How are language and identity shown in poems?

Essay by blonde_bimbo69High School, 10th gradeD+, January 2005

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Speech is a significant factor that makes up a person's sense of identity. Many poets have wrote about their own and other people's dialect and language. They use the ideas of different cultures and traditions to highlight the fact that some people are wrongly treated differently because of independent qualities like their language. The poets Liz Lockhead, John Agard, Tom Leonard and Sujata Bhatt all express how differences in language collide, or eat up inside them. They believe that you are not yourself until you are true to your speech and accent. Some people take language as an asset, the little extra they didn't ask for. They wouldn't mind if it changed because it doesn't change their personality. Others disagree and argue other people might think of them in a different way if they had an altered accent or dialect. But most people agree on one thing, you can't choose they way you speak, it almost chooses you, and all you can do is enjoy it, just go along with it, or drastically change it.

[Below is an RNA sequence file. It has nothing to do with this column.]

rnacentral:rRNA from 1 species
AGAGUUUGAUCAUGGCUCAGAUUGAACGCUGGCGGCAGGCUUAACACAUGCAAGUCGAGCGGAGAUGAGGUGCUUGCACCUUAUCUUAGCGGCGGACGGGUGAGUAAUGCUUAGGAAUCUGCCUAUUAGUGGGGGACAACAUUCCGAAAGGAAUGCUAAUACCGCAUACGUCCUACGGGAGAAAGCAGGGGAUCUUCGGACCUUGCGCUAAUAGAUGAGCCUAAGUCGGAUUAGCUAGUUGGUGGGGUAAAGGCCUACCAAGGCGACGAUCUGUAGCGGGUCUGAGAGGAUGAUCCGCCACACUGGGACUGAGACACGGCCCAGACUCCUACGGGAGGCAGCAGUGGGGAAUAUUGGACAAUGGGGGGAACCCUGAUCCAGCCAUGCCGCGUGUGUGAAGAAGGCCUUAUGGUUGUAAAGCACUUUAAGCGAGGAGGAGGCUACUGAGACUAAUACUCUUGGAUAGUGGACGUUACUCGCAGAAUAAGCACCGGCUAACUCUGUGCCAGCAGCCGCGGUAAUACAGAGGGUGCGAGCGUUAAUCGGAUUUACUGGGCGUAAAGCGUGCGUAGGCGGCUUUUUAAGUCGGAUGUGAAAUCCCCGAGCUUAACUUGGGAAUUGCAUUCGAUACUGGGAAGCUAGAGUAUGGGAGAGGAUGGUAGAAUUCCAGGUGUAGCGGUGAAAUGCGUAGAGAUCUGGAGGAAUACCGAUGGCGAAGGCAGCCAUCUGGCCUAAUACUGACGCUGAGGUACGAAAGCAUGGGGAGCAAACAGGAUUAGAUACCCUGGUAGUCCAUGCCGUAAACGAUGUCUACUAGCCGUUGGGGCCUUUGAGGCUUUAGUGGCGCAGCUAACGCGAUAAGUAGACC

It's about pride, whether or not you are proud of it, or just don't care and the poets show they definitely care about theirs.

Sometimes poets play around with Standard English, again like in English is a crazy language with play on words. There are many reasons for this, among them being that they were showing it's not so perfect, that it has flaws just like everything else. Like in English is a Crazy Language, McCullough says "sweetmeats aren't candies while sweetbreads aren't sweet are meat" which is a tongue twister as well as a play on words. Sometimes poets also mix Standard English with something else to show a comparison. Like in Kids Poem, Lockhead shows the Scottish accent, and follows it meaning...